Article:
The running community is the most warm and welcoming group of people I’ve ever been a part of. And while I don’t consider myself a proper runner most days, I’m consistently inspired by the people I get to run races with. From the spectators to other athletes – it’s such a beautiful celebration. There was a really great moment in this race around mile 3 where you cross a bridge and then loop back around. So when you’re going over the bridge, people who are about 5ish minutes ahead of you are crossing back into the city. And everyone is sticking their hands out for high fives and yelling encouragement and it’s just really beautiful when human beings build each other up.
This is the part of this post where I brag about Kendall. Y’all. It never would’ve crossed my mind that I could do a half-marathon if Kendall didn’t exist. She’s my running role model. And my running sensei. I’m like that cute lil kid with doe-eyes and big dreams and my white karate belt and she’s my far wiser teacher who is patient and encouraging. In this metaphor, a full marathon is a wood block and I know that one day I’ll be able to roundhouse kick that wood block and break it but that day is not today and Kendall’s going to keep on holding it up until I can do it. And that’s beautiful.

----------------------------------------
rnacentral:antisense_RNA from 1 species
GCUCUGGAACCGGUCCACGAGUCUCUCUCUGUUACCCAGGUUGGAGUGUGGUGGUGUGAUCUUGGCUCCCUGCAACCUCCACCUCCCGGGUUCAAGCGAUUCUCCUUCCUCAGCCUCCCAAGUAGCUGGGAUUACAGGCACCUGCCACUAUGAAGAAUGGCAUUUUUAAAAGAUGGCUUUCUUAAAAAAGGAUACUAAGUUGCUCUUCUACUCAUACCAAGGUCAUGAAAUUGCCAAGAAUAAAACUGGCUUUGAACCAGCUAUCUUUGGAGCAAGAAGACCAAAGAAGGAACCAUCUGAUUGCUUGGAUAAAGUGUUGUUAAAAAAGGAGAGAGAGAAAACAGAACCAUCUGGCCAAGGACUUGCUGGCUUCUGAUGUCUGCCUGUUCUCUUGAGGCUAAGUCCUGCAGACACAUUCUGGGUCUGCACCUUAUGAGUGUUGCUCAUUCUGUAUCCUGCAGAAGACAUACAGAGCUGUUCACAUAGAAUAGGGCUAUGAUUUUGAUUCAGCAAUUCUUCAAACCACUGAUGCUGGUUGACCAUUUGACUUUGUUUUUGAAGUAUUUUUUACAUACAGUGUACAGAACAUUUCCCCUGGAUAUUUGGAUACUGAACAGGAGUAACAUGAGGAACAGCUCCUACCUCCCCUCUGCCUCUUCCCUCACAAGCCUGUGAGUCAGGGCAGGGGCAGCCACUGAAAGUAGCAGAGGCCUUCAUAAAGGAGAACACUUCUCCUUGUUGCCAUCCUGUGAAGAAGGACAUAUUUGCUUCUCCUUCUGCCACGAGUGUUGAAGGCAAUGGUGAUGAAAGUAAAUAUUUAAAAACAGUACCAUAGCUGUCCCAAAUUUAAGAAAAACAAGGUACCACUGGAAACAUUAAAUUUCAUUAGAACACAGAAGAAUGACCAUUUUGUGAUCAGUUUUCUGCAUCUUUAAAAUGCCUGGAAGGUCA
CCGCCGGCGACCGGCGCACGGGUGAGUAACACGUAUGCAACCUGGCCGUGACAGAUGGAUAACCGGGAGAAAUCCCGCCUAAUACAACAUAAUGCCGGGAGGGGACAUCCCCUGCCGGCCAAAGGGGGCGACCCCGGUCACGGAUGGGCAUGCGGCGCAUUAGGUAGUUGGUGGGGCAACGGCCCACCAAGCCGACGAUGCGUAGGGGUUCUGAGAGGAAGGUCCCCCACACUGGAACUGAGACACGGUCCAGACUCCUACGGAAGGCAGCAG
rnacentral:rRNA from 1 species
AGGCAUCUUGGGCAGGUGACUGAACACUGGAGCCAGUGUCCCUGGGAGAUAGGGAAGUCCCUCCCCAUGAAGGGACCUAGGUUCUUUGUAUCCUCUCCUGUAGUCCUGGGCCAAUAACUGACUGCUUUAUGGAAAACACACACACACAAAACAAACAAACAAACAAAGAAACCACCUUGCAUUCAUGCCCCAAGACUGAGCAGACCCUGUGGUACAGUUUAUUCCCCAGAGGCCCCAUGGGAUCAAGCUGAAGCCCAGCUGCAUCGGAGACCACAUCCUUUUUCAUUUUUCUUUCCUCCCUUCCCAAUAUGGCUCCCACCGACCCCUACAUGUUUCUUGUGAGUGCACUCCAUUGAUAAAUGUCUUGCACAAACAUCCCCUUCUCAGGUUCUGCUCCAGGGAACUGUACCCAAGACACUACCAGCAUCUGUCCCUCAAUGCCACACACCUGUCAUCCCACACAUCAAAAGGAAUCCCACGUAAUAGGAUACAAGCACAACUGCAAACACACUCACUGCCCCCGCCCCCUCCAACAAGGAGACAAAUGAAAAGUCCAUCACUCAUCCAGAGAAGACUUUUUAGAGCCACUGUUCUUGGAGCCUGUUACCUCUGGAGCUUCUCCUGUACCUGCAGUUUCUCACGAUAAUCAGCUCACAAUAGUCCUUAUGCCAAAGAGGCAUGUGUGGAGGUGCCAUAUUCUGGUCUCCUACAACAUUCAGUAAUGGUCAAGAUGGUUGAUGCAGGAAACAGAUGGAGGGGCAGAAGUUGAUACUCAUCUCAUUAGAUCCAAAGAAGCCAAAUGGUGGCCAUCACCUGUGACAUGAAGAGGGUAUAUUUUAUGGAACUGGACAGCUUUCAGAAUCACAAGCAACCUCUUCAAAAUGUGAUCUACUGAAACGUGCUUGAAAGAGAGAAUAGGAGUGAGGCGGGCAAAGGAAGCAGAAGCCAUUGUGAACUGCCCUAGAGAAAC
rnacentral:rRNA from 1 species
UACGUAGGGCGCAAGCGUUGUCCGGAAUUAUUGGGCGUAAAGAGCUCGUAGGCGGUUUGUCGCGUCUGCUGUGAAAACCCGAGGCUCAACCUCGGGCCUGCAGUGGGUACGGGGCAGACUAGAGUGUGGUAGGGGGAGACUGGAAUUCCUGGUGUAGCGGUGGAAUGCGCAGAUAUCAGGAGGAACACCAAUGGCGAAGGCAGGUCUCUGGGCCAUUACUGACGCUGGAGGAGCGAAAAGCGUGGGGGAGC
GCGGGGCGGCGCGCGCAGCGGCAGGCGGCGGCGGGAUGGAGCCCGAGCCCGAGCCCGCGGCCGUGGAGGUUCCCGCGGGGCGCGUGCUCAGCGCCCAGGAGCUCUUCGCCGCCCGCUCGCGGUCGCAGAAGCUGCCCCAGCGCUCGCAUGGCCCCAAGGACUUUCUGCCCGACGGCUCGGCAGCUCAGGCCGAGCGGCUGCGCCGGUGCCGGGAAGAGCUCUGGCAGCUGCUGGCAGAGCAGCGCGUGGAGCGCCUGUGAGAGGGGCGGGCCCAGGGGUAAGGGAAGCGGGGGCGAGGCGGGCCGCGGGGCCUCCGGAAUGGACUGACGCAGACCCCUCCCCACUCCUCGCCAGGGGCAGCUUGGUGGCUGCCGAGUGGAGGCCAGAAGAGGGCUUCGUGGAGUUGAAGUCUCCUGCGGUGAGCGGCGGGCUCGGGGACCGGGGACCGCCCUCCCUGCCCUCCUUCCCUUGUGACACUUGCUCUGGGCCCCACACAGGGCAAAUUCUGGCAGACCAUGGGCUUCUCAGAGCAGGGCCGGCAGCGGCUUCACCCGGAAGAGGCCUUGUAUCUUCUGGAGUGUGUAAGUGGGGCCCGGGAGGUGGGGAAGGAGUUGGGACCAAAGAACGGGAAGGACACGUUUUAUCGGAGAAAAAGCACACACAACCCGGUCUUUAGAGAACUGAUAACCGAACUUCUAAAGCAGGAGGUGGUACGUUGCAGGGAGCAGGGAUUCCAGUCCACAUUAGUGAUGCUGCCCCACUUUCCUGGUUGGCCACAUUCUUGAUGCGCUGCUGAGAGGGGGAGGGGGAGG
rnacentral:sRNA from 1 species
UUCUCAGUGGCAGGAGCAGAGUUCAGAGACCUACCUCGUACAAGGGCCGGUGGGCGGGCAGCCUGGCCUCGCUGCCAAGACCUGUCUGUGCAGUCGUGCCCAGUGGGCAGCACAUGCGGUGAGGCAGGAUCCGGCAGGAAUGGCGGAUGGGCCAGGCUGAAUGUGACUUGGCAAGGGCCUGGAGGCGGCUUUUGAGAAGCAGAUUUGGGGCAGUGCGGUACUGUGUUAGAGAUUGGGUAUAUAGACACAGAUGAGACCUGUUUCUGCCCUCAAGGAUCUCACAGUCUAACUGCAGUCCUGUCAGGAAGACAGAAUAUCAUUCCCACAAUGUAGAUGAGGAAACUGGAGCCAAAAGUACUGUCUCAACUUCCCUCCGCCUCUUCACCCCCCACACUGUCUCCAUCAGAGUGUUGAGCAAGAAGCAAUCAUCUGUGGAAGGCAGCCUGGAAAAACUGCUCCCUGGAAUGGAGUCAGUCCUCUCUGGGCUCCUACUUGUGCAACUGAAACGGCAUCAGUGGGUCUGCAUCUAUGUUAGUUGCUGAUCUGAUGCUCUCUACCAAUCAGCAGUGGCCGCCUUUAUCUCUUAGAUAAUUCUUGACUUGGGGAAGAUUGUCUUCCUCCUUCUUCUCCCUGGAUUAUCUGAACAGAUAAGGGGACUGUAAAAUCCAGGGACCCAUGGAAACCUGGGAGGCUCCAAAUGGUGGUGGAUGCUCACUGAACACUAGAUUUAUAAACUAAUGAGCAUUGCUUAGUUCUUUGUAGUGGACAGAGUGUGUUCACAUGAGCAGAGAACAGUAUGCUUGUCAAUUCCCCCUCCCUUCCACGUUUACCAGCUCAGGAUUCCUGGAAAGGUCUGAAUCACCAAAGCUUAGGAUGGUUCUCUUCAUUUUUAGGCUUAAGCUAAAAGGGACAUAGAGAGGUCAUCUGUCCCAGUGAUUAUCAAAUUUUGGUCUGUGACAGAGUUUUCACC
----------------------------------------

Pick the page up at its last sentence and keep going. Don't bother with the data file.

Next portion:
Post-Race Lessons Learned for Next Time:
- EAT. I think my brain thought there would breakfast provided. Running 13.1 miles with nothing in my system was such a poor choice. (To be fair, I did have some energy chews every 4 miles. And a shot-glass sized portion of lemon lime gatorade every 3? miles. And then mile 12 chocolate.) I never expected to PR this race, but I think if I had made better choices, that would have been reflected in my time.
- Races are just as much a mental test as they are a physical one. Multiple runners told me (HI CHELSEA), but my body forgot this on race day.
- Be confident enough to stick to your own pace. My race day problem is that I get so energized by everyone around me that I convince myself I can run faster than I actually can. I do the same thing during training runs when I pass other runners. I have a tendency to speed up and show off.
- Bring blister band aids so you don’t have to buy off-brand overpriced ones at the CVS.
- Adrenaline is great. But it’s an intensely fickle lover. I went into this with my longest run being 10 miles and the wishful thinking that race day glitz and glamour would get me through the rest. This didn’t happen exactly. I was a car running on an empty tank with miles to go until a gas station.